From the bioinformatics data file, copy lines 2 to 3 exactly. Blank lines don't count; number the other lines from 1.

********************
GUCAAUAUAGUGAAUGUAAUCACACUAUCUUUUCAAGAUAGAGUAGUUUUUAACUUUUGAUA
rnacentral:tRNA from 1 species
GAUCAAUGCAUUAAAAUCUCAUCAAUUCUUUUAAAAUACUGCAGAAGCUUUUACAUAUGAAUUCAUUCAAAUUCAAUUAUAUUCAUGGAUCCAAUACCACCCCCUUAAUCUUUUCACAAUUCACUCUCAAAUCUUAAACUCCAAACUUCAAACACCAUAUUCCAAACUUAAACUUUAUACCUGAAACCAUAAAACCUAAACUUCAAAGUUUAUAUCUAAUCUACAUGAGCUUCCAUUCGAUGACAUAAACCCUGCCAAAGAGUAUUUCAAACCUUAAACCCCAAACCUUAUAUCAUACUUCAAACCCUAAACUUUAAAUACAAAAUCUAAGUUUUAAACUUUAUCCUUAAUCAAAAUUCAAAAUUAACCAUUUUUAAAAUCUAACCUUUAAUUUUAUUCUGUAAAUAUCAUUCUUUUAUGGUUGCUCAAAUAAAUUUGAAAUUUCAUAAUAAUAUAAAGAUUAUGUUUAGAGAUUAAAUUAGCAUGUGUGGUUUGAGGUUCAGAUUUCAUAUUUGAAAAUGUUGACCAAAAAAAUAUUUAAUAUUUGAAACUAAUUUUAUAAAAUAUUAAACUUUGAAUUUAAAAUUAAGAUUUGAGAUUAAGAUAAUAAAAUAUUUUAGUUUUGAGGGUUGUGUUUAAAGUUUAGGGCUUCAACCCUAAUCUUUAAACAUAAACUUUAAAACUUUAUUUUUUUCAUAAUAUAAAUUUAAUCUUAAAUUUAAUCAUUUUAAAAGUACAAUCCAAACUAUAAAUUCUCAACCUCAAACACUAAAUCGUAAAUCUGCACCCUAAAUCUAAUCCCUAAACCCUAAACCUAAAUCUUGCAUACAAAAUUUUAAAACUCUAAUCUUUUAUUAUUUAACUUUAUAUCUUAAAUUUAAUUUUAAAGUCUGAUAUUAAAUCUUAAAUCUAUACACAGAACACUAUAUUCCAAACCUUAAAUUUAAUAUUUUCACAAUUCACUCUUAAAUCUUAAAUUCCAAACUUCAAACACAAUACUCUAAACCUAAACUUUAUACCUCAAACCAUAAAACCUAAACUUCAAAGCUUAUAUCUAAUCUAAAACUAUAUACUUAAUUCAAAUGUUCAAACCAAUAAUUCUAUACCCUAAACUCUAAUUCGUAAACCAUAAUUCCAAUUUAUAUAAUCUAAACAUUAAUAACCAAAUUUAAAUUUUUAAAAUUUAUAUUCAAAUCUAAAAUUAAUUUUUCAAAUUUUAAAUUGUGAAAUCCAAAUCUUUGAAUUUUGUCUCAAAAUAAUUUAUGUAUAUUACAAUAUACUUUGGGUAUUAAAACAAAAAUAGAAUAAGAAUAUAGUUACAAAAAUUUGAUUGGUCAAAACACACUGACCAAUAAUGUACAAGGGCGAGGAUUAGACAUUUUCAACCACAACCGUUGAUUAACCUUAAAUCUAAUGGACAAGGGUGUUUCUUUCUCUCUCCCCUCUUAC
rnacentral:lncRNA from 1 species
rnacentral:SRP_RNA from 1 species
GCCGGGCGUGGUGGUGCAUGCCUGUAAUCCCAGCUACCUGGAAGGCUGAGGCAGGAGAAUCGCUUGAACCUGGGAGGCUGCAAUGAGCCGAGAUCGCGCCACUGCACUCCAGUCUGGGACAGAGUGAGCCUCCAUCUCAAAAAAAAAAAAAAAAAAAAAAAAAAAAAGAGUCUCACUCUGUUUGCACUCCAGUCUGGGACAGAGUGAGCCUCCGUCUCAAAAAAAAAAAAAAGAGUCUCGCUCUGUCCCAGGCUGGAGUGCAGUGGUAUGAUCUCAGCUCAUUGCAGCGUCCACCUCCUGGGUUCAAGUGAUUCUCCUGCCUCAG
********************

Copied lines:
rnacentral:tRNA from 1 species
GAUCAAUGCAUUAAAAUCUCAUCAAUUCUUUUAAAAUACUGCAGAAGCUUUUACAUAUGAAUUCAUUCAAAUUCAAUUAUAUUCAUGGAUCCAAUACCACCCCCUUAAUCUUUUCACAAUUCACUCUCAAAUCUUAAACUCCAAACUUCAAACACCAUAUUCCAAACUUAAACUUUAUACCUGAAACCAUAAAACCUAAACUUCAAAGUUUAUAUCUAAUCUACAUGAGCUUCCAUUCGAUGACAUAAACCCUGCCAAAGAGUAUUUCAAACCUUAAACCCCAAACCUUAUAUCAUACUUCAAACCCUAAACUUUAAAUACAAAAUCUAAGUUUUAAACUUUAUCCUUAAUCAAAAUUCAAAAUUAACCAUUUUUAAAAUCUAACCUUUAAUUUUAUUCUGUAAAUAUCAUUCUUUUAUGGUUGCUCAAAUAAAUUUGAAAUUUCAUAAUAAUAUAAAGAUUAUGUUUAGAGAUUAAAUUAGCAUGUGUGGUUUGAGGUUCAGAUUUCAUAUUUGAAAAUGUUGACCAAAAAAAUAUUUAAUAUUUGAAACUAAUUUUAUAAAAUAUUAAACUUUGAAUUUAAAAUUAAGAUUUGAGAUUAAGAUAAUAAAAUAUUUUAGUUUUGAGGGUUGUGUUUAAAGUUUAGGGCUUCAACCCUAAUCUUUAAACAUAAACUUUAAAACUUUAUUUUUUUCAUAAUAUAAAUUUAAUCUUAAAUUUAAUCAUUUUAAAAGUACAAUCCAAACUAUAAAUUCUCAACCUCAAACACUAAAUCGUAAAUCUGCACCCUAAAUCUAAUCCCUAAACCCUAAACCUAAAUCUUGCAUACAAAAUUUUAAAACUCUAAUCUUUUAUUAUUUAACUUUAUAUCUUAAAUUUAAUUUUAAAGUCUGAUAUUAAAUCUUAAAUCUAUACACAGAACACUAUAUUCCAAACCUUAAAUUUAAUAUUUUCACAAUUCACUCUUAAAUCUUAAAUUCCAAACUUCAAACACAAUACUCUAAACCUAAACUUUAUACCUCAAACCAUAAAACCUAAACUUCAAAGCUUAUAUCUAAUCUAAAACUAUAUACUUAAUUCAAAUGUUCAAACCAAUAAUUCUAUACCCUAAACUCUAAUUCGUAAACCAUAAUUCCAAUUUAUAUAAUCUAAACAUUAAUAACCAAAUUUAAAUUUUUAAAAUUUAUAUUCAAAUCUAAAAUUAAUUUUUCAAAUUUUAAAUUGUGAAAUCCAAAUCUUUGAAUUUUGUCUCAAAAUAAUUUAUGUAUAUUACAAUAUACUUUGGGUAUUAAAACAAAAAUAGAAUAAGAAUAUAGUUACAAAAAUUUGAUUGGUCAAAACACACUGACCAAUAAUGUACAAGGGCGAGGAUUAGACAUUUUCAACCACAACCGUUGAUUAACCUUAAAUCUAAUGGACAAGGGUGUUUCUUUCUCUCUCCCCUCUUAC